More US women freezing eggs despite risks


The number of US IVF clinics offering egg freezing services will double this year, according to the Los Angeles Times. "The trend has the potential to rewrite the script for young adulthood, persuading women to further defer marriage and motherhood," says the Times. Female fertility peaks at age 27 and by age 40, the chance of getting pregnant is less than 10%. By freezing their eggs, women can be relatively free of their biological clock's stressful drumbeat."

Several women explained why they were having eggs extracted and frozen in a procedure which is still largely experimental, although it has resulted in between 100 and 200 babies around the world so far. "I wanted to separate my desire to have kids with my timing for choosing to be with someone," a 36-year-old acupuncturist said. "It has helped relieve the pressure that fertility is clouding your judgment about whether to be with someone. You want to have children with the right person."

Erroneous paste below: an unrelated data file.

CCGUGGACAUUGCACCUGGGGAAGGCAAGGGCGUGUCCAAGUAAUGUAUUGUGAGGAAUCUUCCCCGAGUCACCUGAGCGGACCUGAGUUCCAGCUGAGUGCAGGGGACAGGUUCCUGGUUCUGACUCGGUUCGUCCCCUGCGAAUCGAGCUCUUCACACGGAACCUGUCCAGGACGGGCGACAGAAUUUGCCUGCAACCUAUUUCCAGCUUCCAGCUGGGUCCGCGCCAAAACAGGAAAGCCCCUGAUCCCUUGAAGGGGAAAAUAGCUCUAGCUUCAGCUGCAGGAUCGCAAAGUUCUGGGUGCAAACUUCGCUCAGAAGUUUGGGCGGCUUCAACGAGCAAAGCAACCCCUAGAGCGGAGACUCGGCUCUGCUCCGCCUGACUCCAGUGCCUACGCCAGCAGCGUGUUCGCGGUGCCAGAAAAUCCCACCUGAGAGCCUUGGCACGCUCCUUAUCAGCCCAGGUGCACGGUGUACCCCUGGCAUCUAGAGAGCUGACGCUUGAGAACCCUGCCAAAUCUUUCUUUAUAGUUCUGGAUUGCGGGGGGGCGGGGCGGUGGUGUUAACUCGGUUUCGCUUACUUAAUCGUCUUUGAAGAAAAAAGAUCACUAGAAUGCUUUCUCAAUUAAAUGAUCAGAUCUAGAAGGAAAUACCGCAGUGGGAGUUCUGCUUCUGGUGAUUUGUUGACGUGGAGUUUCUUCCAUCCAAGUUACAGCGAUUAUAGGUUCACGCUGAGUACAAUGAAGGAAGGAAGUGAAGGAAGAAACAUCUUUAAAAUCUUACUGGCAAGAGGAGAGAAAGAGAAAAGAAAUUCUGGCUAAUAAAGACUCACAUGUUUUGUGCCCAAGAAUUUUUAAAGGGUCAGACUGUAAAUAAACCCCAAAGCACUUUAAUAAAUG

And a 38-year-old divorcee says that egg freezing "is like an investment in the chance that I might want to have another kid... It's the ultimate feminist solution. You don't have to say, 'I have to have a kid right now.'"

Although there seems to be a lot of interest in the technique, its safety still largely unproven and the American Society for Reproductive Medicine has urged that egg freezing not be offered to healthy women. "Most clinics have chosen to ignore that advice," says the Times.



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